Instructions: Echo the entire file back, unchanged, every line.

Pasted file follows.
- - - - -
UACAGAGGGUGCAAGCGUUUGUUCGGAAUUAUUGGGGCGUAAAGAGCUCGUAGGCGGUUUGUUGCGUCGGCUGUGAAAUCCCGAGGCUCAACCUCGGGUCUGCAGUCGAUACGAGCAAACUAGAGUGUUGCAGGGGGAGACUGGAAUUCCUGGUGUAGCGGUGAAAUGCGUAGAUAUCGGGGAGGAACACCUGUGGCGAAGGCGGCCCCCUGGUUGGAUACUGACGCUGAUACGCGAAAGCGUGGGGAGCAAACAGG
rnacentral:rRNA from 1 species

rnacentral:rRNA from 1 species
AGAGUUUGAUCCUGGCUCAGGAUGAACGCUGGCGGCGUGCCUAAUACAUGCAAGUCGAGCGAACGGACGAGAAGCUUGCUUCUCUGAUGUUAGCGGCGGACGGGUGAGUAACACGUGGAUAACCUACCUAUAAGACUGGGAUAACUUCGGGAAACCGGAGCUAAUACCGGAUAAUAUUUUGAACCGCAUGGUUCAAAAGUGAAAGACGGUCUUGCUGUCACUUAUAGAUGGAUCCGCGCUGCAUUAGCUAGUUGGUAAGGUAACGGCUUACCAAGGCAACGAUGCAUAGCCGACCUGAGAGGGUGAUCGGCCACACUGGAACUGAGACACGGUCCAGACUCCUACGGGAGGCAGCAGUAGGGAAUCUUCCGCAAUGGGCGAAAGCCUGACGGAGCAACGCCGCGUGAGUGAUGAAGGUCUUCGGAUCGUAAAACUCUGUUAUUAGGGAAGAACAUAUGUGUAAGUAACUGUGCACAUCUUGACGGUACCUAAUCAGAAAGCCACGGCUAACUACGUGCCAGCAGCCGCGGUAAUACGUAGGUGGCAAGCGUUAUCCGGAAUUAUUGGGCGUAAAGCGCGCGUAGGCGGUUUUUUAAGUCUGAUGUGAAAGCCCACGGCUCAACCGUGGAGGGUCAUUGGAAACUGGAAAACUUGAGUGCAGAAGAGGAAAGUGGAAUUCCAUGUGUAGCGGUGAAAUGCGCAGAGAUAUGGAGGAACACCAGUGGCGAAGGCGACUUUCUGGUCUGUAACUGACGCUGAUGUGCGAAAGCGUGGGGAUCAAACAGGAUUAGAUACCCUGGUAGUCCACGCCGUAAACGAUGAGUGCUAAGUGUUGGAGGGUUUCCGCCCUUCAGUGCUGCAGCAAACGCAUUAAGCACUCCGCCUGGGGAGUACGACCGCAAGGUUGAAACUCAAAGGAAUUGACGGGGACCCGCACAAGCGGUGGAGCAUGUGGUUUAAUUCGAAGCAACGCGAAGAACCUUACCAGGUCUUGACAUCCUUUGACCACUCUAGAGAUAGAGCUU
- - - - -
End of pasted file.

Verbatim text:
UACAGAGGGUGCAAGCGUUUGUUCGGAAUUAUUGGGGCGUAAAGAGCUCGUAGGCGGUUUGUUGCGUCGGCUGUGAAAUCCCGAGGCUCAACCUCGGGUCUGCAGUCGAUACGAGCAAACUAGAGUGUUGCAGGGGGAGACUGGAAUUCCUGGUGUAGCGGUGAAAUGCGUAGAUAUCGGGGAGGAACACCUGUGGCGAAGGCGGCCCCCUGGUUGGAUACUGACGCUGAUACGCGAAAGCGUGGGGAGCAAACAGG
rnacentral:rRNA from 1 species

rnacentral:rRNA from 1 species
AGAGUUUGAUCCUGGCUCAGGAUGAACGCUGGCGGCGUGCCUAAUACAUGCAAGUCGAGCGAACGGACGAGAAGCUUGCUUCUCUGAUGUUAGCGGCGGACGGGUGAGUAACACGUGGAUAACCUACCUAUAAGACUGGGAUAACUUCGGGAAACCGGAGCUAAUACCGGAUAAUAUUUUGAACCGCAUGGUUCAAAAGUGAAAGACGGUCUUGCUGUCACUUAUAGAUGGAUCCGCGCUGCAUUAGCUAGUUGGUAAGGUAACGGCUUACCAAGGCAACGAUGCAUAGCCGACCUGAGAGGGUGAUCGGCCACACUGGAACUGAGACACGGUCCAGACUCCUACGGGAGGCAGCAGUAGGGAAUCUUCCGCAAUGGGCGAAAGCCUGACGGAGCAACGCCGCGUGAGUGAUGAAGGUCUUCGGAUCGUAAAACUCUGUUAUUAGGGAAGAACAUAUGUGUAAGUAACUGUGCACAUCUUGACGGUACCUAAUCAGAAAGCCACGGCUAACUACGUGCCAGCAGCCGCGGUAAUACGUAGGUGGCAAGCGUUAUCCGGAAUUAUUGGGCGUAAAGCGCGCGUAGGCGGUUUUUUAAGUCUGAUGUGAAAGCCCACGGCUCAACCGUGGAGGGUCAUUGGAAACUGGAAAACUUGAGUGCAGAAGAGGAAAGUGGAAUUCCAUGUGUAGCGGUGAAAUGCGCAGAGAUAUGGAGGAACACCAGUGGCGAAGGCGACUUUCUGGUCUGUAACUGACGCUGAUGUGCGAAAGCGUGGGGAUCAAACAGGAUUAGAUACCCUGGUAGUCCACGCCGUAAACGAUGAGUGCUAAGUGUUGGAGGGUUUCCGCCCUUCAGUGCUGCAGCAAACGCAUUAAGCACUCCGCCUGGGGAGUACGACCGCAAGGUUGAAACUCAAAGGAAUUGACGGGGACCCGCACAAGCGGUGGAGCAUGUGGUUUAAUUCGAAGCAACGCGAAGAACCUUACCAGGUCUUGACAUCCUUUGACCACUCUAGAGAUAGAGCUU